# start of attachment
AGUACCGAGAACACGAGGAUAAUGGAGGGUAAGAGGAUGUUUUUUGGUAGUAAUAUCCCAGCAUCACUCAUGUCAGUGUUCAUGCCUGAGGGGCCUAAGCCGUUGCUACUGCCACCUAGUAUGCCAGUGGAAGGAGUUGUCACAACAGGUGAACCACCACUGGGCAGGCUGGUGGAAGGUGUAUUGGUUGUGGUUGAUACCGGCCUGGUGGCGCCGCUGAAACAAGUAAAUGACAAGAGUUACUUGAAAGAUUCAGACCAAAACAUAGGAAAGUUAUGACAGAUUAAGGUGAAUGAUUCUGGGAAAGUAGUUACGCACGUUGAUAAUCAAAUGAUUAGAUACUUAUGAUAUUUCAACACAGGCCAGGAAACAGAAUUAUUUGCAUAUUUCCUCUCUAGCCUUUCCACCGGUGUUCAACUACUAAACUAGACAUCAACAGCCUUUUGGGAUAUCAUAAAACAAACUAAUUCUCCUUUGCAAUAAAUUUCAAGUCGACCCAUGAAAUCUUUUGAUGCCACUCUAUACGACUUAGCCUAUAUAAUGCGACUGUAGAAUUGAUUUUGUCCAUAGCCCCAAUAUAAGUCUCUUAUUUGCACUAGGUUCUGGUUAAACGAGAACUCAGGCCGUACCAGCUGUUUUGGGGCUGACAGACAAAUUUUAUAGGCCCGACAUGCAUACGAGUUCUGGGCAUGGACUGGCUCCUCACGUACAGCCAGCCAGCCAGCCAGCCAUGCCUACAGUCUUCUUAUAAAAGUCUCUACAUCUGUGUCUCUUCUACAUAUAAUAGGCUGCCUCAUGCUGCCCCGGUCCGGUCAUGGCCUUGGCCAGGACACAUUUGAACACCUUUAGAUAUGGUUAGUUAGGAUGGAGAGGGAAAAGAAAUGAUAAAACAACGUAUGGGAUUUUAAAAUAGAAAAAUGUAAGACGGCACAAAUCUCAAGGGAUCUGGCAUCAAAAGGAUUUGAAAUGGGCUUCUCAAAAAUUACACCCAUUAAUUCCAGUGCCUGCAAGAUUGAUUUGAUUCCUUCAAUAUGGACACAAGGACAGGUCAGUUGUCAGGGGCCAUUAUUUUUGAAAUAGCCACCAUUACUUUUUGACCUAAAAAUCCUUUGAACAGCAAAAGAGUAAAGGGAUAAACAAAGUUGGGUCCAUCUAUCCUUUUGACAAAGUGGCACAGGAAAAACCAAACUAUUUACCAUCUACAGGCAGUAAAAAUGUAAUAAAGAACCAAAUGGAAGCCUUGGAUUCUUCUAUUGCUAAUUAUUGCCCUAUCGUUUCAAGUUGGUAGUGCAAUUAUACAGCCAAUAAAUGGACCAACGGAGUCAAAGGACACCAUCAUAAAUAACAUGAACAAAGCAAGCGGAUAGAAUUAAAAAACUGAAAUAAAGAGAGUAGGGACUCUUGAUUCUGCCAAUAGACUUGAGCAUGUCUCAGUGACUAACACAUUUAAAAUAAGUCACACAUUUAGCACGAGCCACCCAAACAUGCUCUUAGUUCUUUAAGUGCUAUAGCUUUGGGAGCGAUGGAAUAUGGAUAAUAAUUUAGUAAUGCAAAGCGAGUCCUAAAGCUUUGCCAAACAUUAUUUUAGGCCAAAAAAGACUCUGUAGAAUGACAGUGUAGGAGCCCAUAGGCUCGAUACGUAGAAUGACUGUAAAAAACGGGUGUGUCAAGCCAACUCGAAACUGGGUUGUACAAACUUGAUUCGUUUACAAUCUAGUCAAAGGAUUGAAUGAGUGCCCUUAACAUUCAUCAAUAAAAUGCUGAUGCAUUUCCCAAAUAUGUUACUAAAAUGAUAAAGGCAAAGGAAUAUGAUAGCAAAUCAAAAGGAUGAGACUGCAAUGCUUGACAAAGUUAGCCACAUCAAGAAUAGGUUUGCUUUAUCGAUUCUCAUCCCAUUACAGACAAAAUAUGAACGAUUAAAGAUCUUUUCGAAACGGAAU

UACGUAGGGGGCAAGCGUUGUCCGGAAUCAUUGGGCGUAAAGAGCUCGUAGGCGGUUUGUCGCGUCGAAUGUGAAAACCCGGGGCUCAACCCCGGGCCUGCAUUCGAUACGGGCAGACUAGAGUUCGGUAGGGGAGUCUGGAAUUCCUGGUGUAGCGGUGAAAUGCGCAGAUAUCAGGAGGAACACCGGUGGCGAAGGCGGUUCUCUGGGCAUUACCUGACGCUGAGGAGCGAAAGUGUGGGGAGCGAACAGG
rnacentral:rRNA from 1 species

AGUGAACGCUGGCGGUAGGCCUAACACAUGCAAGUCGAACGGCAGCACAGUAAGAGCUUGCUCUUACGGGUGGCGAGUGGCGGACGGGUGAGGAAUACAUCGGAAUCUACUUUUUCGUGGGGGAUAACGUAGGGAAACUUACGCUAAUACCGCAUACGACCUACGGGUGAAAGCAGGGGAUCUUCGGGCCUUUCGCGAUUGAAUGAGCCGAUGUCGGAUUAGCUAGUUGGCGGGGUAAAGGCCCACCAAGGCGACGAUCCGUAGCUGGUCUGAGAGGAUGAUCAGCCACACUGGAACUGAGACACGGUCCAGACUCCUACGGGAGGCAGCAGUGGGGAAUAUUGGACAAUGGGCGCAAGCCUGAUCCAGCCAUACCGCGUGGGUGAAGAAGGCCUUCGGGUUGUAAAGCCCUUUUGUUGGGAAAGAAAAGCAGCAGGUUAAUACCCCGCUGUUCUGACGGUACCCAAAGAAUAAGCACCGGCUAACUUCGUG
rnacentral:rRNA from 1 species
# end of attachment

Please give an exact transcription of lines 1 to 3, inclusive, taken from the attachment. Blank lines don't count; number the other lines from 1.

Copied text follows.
AGUACCGAGAACACGAGGAUAAUGGAGGGUAAGAGGAUGUUUUUUGGUAGUAAUAUCCCAGCAUCACUCAUGUCAGUGUUCAUGCCUGAGGGGCCUAAGCCGUUGCUACUGCCACCUAGUAUGCCAGUGGAAGGAGUUGUCACAACAGGUGAACCACCACUGGGCAGGCUGGUGGAAGGUGUAUUGGUUGUGGUUGAUACCGGCCUGGUGGCGCCGCUGAAACAAGUAAAUGACAAGAGUUACUUGAAAGAUUCAGACCAAAACAUAGGAAAGUUAUGACAGAUUAAGGUGAAUGAUUCUGGGAAAGUAGUUACGCACGUUGAUAAUCAAAUGAUUAGAUACUUAUGAUAUUUCAACACAGGCCAGGAAACAGAAUUAUUUGCAUAUUUCCUCUCUAGCCUUUCCACCGGUGUUCAACUACUAAACUAGACAUCAACAGCCUUUUGGGAUAUCAUAAAACAAACUAAUUCUCCUUUGCAAUAAAUUUCAAGUCGACCCAUGAAAUCUUUUGAUGCCACUCUAUACGACUUAGCCUAUAUAAUGCGACUGUAGAAUUGAUUUUGUCCAUAGCCCCAAUAUAAGUCUCUUAUUUGCACUAGGUUCUGGUUAAACGAGAACUCAGGCCGUACCAGCUGUUUUGGGGCUGACAGACAAAUUUUAUAGGCCCGACAUGCAUACGAGUUCUGGGCAUGGACUGGCUCCUCACGUACAGCCAGCCAGCCAGCCAGCCAUGCCUACAGUCUUCUUAUAAAAGUCUCUACAUCUGUGUCUCUUCUACAUAUAAUAGGCUGCCUCAUGCUGCCCCGGUCCGGUCAUGGCCUUGGCCAGGACACAUUUGAACACCUUUAGAUAUGGUUAGUUAGGAUGGAGAGGGAAAAGAAAUGAUAAAACAACGUAUGGGAUUUUAAAAUAGAAAAAUGUAAGACGGCACAAAUCUCAAGGGAUCUGGCAUCAAAAGGAUUUGAAAUGGGCUUCUCAAAAAUUACACCCAUUAAUUCCAGUGCCUGCAAGAUUGAUUUGAUUCCUUCAAUAUGGACACAAGGACAGGUCAGUUGUCAGGGGCCAUUAUUUUUGAAAUAGCCACCAUUACUUUUUGACCUAAAAAUCCUUUGAACAGCAAAAGAGUAAAGGGAUAAACAAAGUUGGGUCCAUCUAUCCUUUUGACAAAGUGGCACAGGAAAAACCAAACUAUUUACCAUCUACAGGCAGUAAAAAUGUAAUAAAGAACCAAAUGGAAGCCUUGGAUUCUUCUAUUGCUAAUUAUUGCCCUAUCGUUUCAAGUUGGUAGUGCAAUUAUACAGCCAAUAAAUGGACCAACGGAGUCAAAGGACACCAUCAUAAAUAACAUGAACAAAGCAAGCGGAUAGAAUUAAAAAACUGAAAUAAAGAGAGUAGGGACUCUUGAUUCUGCCAAUAGACUUGAGCAUGUCUCAGUGACUAACACAUUUAAAAUAAGUCACACAUUUAGCACGAGCCACCCAAACAUGCUCUUAGUUCUUUAAGUGCUAUAGCUUUGGGAGCGAUGGAAUAUGGAUAAUAAUUUAGUAAUGCAAAGCGAGUCCUAAAGCUUUGCCAAACAUUAUUUUAGGCCAAAAAAGACUCUGUAGAAUGACAGUGUAGGAGCCCAUAGGCUCGAUACGUAGAAUGACUGUAAAAAACGGGUGUGUCAAGCCAACUCGAAACUGGGUUGUACAAACUUGAUUCGUUUACAAUCUAGUCAAAGGAUUGAAUGAGUGCCCUUAACAUUCAUCAAUAAAAUGCUGAUGCAUUUCCCAAAUAUGUUACUAAAAUGAUAAAGGCAAAGGAAUAUGAUAGCAAAUCAAAAGGAUGAGACUGCAAUGCUUGACAAAGUUAGCCACAUCAAGAAUAGGUUUGCUUUAUCGAUUCUCAUCCCAUUACAGACAAAAUAUGAACGAUUAAAGAUCUUUUCGAAACGGAAU

UACGUAGGGGGCAAGCGUUGUCCGGAAUCAUUGGGCGUAAAGAGCUCGUAGGCGGUUUGUCGCGUCGAAUGUGAAAACCCGGGGCUCAACCCCGGGCCUGCAUUCGAUACGGGCAGACUAGAGUUCGGUAGGGGAGUCUGGAAUUCCUGGUGUAGCGGUGAAAUGCGCAGAUAUCAGGAGGAACACCGGUGGCGAAGGCGGUUCUCUGGGCAUUACCUGACGCUGAGGAGCGAAAGUGUGGGGAGCGAACAGG
rnacentral:rRNA from 1 species